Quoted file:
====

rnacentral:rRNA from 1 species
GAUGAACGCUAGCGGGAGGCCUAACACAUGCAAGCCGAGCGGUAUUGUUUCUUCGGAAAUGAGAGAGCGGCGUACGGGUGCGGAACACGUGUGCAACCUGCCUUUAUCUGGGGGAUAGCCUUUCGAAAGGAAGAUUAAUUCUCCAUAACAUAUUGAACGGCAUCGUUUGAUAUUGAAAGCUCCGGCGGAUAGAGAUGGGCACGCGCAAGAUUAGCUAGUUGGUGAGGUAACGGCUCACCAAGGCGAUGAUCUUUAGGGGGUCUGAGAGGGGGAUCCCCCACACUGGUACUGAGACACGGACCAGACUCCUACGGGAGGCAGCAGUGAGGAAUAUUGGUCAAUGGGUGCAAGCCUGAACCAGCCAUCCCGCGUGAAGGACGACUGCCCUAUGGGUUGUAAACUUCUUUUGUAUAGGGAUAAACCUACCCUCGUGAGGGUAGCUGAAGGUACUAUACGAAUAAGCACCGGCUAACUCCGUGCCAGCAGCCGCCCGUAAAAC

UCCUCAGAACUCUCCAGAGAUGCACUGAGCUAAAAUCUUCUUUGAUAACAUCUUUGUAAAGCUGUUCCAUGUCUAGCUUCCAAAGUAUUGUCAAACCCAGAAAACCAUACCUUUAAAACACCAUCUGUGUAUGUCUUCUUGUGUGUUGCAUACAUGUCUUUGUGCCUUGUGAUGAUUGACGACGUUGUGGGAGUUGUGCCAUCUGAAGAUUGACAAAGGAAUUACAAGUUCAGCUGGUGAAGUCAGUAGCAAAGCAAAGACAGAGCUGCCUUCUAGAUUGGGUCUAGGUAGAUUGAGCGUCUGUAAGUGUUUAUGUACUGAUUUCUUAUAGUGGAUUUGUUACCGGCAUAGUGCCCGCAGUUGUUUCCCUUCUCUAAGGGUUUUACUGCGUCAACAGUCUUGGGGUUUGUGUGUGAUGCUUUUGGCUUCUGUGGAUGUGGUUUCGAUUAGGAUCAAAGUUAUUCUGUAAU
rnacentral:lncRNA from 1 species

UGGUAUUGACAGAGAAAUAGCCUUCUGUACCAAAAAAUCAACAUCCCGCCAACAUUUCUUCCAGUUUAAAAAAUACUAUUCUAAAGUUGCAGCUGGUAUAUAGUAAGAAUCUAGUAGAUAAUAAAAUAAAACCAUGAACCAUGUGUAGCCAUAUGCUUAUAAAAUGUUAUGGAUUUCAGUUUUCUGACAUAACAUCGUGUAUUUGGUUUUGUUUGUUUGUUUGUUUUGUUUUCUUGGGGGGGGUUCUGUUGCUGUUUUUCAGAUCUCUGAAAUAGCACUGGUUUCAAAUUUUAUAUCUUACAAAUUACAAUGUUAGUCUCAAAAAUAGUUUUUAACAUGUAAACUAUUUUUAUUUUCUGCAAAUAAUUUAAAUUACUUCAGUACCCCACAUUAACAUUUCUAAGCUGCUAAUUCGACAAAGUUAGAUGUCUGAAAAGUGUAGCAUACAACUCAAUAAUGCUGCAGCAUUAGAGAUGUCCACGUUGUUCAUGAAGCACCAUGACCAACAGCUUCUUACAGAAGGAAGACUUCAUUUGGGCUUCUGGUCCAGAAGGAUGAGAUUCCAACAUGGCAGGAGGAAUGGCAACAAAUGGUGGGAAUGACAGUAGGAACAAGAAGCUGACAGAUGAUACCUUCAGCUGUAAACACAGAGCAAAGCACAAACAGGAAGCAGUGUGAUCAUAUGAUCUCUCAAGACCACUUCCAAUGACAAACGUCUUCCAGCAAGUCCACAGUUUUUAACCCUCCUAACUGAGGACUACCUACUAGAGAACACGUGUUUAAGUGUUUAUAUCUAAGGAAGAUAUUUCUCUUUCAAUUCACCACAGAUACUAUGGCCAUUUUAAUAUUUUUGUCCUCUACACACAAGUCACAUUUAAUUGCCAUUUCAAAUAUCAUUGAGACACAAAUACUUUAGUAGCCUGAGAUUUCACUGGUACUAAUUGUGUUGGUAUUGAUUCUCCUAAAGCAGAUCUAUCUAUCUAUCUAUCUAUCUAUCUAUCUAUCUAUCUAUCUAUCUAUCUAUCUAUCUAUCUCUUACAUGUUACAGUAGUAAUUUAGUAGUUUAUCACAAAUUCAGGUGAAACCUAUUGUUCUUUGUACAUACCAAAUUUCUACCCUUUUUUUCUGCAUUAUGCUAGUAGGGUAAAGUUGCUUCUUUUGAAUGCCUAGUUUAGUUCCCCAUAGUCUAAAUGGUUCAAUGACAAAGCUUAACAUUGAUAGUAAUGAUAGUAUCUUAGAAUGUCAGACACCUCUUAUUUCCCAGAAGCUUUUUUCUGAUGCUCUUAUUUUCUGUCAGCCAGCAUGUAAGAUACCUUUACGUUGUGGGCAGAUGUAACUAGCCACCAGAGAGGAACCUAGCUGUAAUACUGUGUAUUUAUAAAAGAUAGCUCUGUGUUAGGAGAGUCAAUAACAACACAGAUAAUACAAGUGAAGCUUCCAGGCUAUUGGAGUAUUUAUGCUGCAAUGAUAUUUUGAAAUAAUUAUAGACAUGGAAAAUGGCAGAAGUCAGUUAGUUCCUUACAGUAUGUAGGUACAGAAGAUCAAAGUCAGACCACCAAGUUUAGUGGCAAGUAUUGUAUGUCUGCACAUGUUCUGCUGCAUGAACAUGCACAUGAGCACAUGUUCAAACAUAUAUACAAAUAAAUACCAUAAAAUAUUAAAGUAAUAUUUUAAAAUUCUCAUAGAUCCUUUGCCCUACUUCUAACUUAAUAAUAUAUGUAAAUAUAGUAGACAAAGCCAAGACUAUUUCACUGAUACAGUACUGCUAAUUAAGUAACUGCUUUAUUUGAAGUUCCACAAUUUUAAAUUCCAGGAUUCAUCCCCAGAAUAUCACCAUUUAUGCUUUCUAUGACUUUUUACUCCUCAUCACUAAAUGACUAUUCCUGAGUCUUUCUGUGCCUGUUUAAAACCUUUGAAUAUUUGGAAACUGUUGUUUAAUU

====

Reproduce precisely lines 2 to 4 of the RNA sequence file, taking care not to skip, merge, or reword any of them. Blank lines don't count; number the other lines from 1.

GAUGAACGCUAGCGGGAGGCCUAACACAUGCAAGCCGAGCGGUAUUGUUUCUUCGGAAAUGAGAGAGCGGCGUACGGGUGCGGAACACGUGUGCAACCUGCCUUUAUCUGGGGGAUAGCCUUUCGAAAGGAAGAUUAAUUCUCCAUAACAUAUUGAACGGCAUCGUUUGAUAUUGAAAGCUCCGGCGGAUAGAGAUGGGCACGCGCAAGAUUAGCUAGUUGGUGAGGUAACGGCUCACCAAGGCGAUGAUCUUUAGGGGGUCUGAGAGGGGGAUCCCCCACACUGGUACUGAGACACGGACCAGACUCCUACGGGAGGCAGCAGUGAGGAAUAUUGGUCAAUGGGUGCAAGCCUGAACCAGCCAUCCCGCGUGAAGGACGACUGCCCUAUGGGUUGUAAACUUCUUUUGUAUAGGGAUAAACCUACCCUCGUGAGGGUAGCUGAAGGUACUAUACGAAUAAGCACCGGCUAACUCCGUGCCAGCAGCCGCCCGUAAAAC

UCCUCAGAACUCUCCAGAGAUGCACUGAGCUAAAAUCUUCUUUGAUAACAUCUUUGUAAAGCUGUUCCAUGUCUAGCUUCCAAAGUAUUGUCAAACCCAGAAAACCAUACCUUUAAAACACCAUCUGUGUAUGUCUUCUUGUGUGUUGCAUACAUGUCUUUGUGCCUUGUGAUGAUUGACGACGUUGUGGGAGUUGUGCCAUCUGAAGAUUGACAAAGGAAUUACAAGUUCAGCUGGUGAAGUCAGUAGCAAAGCAAAGACAGAGCUGCCUUCUAGAUUGGGUCUAGGUAGAUUGAGCGUCUGUAAGUGUUUAUGUACUGAUUUCUUAUAGUGGAUUUGUUACCGGCAUAGUGCCCGCAGUUGUUUCCCUUCUCUAAGGGUUUUACUGCGUCAACAGUCUUGGGGUUUGUGUGUGAUGCUUUUGGCUUCUGUGGAUGUGGUUUCGAUUAGGAUCAAAGUUAUUCUGUAAU
rnacentral:lncRNA from 1 species